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The Reformation in Europe

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By — McGraw-Hill Professional
Updated on Feb 3, 2012

Time Line

1455 Johannes Gutenberg publishes the Vulgate Bible, the fi rst book in Europe printed with movable type
1517 Luther publishes Ninety-Five Theses
1521 Diet of Worms
1534 Act of Supremacy declares Henry VIII Supreme Head of the Church of England
1540 Society of Jesuits is founded
1541 Calvin establishes theocracy in Geneva
1545-1563 Council of Trent; Catholic Reformation (Counter-Reformation)
1555 Peace of Augsburg
1598 Henry of Navarre becomes King of France; issues Edict of Nantes

 

The Reformation

The Reformation is the name given to the era in which discontent with the practices and policies of the Catholic Church boiled over, causing widespread attempts at reform (hence the name “Reformation”). Because the Church resisted change, thousands of Christians abandoned the Catholic Church and joined new Christian denominations. These new churches came to be known as Protestant denominations, so-called because they were born in protest against the original Church.

The word catholic means “universal.” Before 1517, the Catholic Church was the universal Christian church in Western Europe and had controlled many aspects of people’s lives for close to a thousand years. In 1517, however, the birth of the Lutheran Church put an end to the unquestioned spiritual authority of the Catholic Church. By 1600, thousands of Europeans were worshiping in Protestant churches: Lutheran, Calvinist, and Anglican.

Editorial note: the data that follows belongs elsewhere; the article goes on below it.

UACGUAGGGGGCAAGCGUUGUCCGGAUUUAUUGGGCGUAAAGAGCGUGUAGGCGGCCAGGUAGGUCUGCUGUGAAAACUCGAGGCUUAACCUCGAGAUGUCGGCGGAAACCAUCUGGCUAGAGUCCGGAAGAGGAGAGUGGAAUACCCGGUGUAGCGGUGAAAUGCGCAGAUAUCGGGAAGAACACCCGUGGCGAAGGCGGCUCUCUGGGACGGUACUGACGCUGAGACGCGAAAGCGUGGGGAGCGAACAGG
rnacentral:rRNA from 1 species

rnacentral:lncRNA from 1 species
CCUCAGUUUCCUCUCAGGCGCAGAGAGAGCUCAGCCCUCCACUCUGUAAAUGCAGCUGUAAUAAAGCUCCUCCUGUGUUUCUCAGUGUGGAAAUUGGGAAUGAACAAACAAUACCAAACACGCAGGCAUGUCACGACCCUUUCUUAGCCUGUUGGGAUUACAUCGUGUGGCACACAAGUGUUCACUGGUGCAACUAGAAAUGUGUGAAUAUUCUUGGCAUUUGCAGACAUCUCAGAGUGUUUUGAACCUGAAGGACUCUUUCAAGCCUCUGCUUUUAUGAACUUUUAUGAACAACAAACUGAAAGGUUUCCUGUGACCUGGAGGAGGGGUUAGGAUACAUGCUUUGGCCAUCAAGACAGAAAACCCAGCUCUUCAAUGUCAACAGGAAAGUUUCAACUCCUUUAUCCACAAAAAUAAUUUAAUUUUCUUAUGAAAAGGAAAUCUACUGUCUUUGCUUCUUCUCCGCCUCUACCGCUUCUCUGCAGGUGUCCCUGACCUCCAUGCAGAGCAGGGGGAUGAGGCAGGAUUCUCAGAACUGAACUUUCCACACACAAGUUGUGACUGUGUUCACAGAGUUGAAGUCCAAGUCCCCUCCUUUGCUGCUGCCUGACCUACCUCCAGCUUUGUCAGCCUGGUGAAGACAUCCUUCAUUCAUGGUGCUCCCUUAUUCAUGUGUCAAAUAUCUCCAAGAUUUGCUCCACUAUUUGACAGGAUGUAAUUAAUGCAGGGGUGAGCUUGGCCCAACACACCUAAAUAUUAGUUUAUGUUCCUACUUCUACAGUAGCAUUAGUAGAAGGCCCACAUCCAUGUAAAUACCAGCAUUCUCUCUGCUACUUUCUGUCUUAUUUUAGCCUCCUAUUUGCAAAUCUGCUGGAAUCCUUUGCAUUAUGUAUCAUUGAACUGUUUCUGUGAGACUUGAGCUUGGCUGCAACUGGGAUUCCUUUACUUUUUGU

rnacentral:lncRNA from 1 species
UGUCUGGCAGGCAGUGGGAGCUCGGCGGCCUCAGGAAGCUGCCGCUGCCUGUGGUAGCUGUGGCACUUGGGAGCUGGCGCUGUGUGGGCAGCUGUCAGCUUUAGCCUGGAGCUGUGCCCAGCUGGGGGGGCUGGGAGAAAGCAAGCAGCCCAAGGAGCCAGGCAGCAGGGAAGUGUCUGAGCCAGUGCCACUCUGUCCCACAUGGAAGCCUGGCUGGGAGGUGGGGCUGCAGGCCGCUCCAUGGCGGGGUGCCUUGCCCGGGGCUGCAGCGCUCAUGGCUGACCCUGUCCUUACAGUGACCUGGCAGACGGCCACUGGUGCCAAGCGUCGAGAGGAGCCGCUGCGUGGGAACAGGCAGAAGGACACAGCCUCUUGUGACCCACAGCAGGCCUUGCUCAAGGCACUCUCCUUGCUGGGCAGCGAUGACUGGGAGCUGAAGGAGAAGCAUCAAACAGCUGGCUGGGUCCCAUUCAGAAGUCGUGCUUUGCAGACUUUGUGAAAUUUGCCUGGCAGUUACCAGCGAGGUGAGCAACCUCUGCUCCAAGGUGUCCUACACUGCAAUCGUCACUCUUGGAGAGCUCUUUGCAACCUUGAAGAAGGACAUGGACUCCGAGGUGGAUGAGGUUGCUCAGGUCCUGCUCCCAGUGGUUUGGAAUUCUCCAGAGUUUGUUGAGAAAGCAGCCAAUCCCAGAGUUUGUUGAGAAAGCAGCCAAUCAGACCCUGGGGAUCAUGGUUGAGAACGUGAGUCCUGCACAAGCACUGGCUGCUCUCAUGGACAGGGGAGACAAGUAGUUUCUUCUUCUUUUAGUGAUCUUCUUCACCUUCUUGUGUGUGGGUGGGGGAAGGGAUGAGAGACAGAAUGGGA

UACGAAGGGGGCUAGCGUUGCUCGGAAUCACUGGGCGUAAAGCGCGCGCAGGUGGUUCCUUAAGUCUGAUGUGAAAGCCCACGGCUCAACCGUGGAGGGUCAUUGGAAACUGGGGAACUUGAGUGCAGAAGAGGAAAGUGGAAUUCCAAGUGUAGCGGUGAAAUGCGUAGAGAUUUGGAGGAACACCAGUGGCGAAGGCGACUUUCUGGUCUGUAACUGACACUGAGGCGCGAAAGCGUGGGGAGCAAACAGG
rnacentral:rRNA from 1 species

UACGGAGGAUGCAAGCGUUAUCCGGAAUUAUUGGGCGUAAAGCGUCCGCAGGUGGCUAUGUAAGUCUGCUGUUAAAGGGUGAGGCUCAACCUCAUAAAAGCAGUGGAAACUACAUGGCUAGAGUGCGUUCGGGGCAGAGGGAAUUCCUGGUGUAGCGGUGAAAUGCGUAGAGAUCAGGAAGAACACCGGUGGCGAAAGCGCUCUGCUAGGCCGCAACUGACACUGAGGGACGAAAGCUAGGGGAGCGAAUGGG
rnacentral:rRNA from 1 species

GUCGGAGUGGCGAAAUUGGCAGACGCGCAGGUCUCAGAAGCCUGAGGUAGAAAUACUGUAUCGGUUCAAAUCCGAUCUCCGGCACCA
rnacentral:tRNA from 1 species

In response, the Catholic Church made serious efforts to reform itself from within, in what is generally called the Counter-Reformation. Positive efforts included founding seminaries all over Europe where young men could be educated and trained for the priesthood. Negative efforts included forcible attempts to stamp out Protestantism (or heresy, as the Church called it) through the Inquisitions in Spain, Portugal, and Italy. The Church’s reforms succeeded to a large extent; however, the Protestant churches continued to thrive. The era in which one Christian church ruled all of Western Europe had definitely come to an end.

Practice questions for these concepts can be found at:

The Reformation in Europe Practice Test

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